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Broome & Proserpine lead the nation’s air routesDomestic aviation
Air traffic: Last week the Bureau of Infrastructure, Transport and Regional Economics (BITRE) released top-level data on Australian domestic commercial aviation for June 2018 and the 2017/18 year. While official data on all routes hasn’t been officially released, it is possible to determine the fastest growing routes over 2017/18.
Regions dominate: In 2017/18 the number of passengers on the Brisbane-Proserpine route rose by 19.4 per cent, closely followed by the Broome-Perth route (up 19 per cent).
What does it all mean?
Aussies headed for the sun over the past year with Proserpine, Broome and Queensland’s Sunshine Coast amongst the fastest growing destinations together with Ballina in NSW. Of the 64 top routes with data over the past year, passengers on the Brisbane-Proserpine route lifted by 19.4 per cent, followed by Broome-Perth, up 19 per cent. The lift in travellers to Proserpine and the broader Whitsundays was offset by declines in passengers on the air routes to Hamilton Island, reflecting the impact of Cyclone Debbie in late March 2017.
The turnaround in the Broome-Perth route was especially remarkable with the rolling annual total of passengers hitting nine-year lows in May 2017. The State Government, domestic tourism authorities, Broome Airport, business groups and the local community have all been instrumental in driving tourist traffic to Broome from Perth and other capital cities over the past year.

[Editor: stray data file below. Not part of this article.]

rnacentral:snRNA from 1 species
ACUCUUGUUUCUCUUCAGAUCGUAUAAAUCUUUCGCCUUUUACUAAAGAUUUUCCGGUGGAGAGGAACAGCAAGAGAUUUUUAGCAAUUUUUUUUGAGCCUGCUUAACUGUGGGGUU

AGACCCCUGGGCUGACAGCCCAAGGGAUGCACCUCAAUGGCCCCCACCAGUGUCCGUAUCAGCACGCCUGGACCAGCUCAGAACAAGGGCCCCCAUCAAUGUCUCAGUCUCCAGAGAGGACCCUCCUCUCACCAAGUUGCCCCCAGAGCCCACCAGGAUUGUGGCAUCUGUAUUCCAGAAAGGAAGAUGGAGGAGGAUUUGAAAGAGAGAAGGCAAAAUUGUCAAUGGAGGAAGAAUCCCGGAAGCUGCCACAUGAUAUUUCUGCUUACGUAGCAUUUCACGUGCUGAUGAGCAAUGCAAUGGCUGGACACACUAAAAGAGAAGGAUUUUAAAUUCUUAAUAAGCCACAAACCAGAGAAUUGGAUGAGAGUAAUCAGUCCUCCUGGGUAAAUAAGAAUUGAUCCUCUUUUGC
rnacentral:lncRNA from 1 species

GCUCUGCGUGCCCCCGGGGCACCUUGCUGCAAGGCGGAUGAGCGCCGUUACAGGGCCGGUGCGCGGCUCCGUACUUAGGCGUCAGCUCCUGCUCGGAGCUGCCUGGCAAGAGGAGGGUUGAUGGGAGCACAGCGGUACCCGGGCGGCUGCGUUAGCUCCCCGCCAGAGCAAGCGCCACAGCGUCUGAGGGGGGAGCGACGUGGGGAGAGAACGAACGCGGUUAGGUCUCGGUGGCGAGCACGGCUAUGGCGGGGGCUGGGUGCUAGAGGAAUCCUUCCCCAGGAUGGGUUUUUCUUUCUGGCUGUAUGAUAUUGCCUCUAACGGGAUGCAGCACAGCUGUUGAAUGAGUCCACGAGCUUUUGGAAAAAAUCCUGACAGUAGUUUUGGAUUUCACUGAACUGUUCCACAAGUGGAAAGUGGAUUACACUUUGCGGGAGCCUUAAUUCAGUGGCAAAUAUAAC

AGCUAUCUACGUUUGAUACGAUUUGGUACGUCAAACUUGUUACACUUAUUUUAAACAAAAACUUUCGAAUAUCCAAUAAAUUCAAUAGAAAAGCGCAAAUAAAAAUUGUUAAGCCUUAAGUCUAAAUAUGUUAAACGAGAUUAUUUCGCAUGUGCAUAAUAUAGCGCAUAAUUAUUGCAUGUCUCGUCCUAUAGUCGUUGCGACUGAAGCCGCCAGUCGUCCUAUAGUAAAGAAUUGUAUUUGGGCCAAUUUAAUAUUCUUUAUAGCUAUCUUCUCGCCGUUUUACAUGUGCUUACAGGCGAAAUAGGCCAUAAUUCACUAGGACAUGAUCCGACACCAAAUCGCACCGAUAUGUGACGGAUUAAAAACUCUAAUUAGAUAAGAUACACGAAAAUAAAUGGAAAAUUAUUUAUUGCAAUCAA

What do the figures show?Air traffic
In 2017/18, 60.8 million passengers travelled on domestic RPT (regular passenger transport) airlines, up 2.5 per cent on a year ago – the strongest financial year result in five years. While passengers rose by 2.5 per cent, the available seats on planes rose by just 0.3 per cent. As a result, the load factor on planes rose from 78.4 per cent in 2016/17 to a record 80.1 per cent in 2017/18. 
Regional destinations grew the fastest over the 2017/18 year. BrisbaneProserpine lifted 19.4 per cent followed by Broome-Perth (up 19 per cent), Melbourne-Sunshine Coast (up 12.6 per cent) and Sunshine Coast-Sydney (up 9.7 per cent).
The biggest declines were on routes connecting Hamilton Island following the damage caused by Cyclone Debbie in late March 2017. Passengers on the Hamilton IslandSydney route fell by 14.4 per cent in 2017/18 followed by BrisbaneHamilton Island (down 12.6 per cent). But when combined with the BrisbaneProserpine route, travel to the region fell by just 1.1 per cent.
Passengers on the Melbourne-Sydney route, one of the world’s busiest, lifted by 3.1 per cent in 2017/18 to 9.25 million. Passengers on the Brisbane-Sydney route rose by 2 per cent to 4.79 million.
What is the importance of the economic data?
The Bureau of Infrastructure, Transport and Regional Economics (BITRE) releases data on domestic aviation each month. The data is useful in tracking consumer spending and airline performance.
What are the implications for investors?
The lower Aussie dollar prompted more Aussies to take holidays locally over the past financial year and warmer destinations were very much in vogue.
The lift in domestic air travel over the past year supported airlines, hotels and a raft of other tourism-dependent businesses over the past year. Airlines benefitted from a lift in passengers but a smaller lift in available seats. Thus the load factor on planes hit record highs. The further softening of the Aussie dollar in recent months may drive additional growth for tourism businesses in 2018/19.
In 2017/18, three of the fastest growing domestic air routes included Perth, pointing to signs of recovery for the Western Australian economy. Queensland destinations also dominated the 20 fastest growing routes, also pointing to improved conditions for businesses in the state from tourism and mining.
Canberra was also in vogue in 2017/18 with travellers on the Adelaide-Canberra route up 8.5 per cent in 2017/18 with Canberra-Melbourne up 6.7 per cent and Brisbane Canberra up 5.7 per cent.
Published by Craig James, Chief Economist, CommSec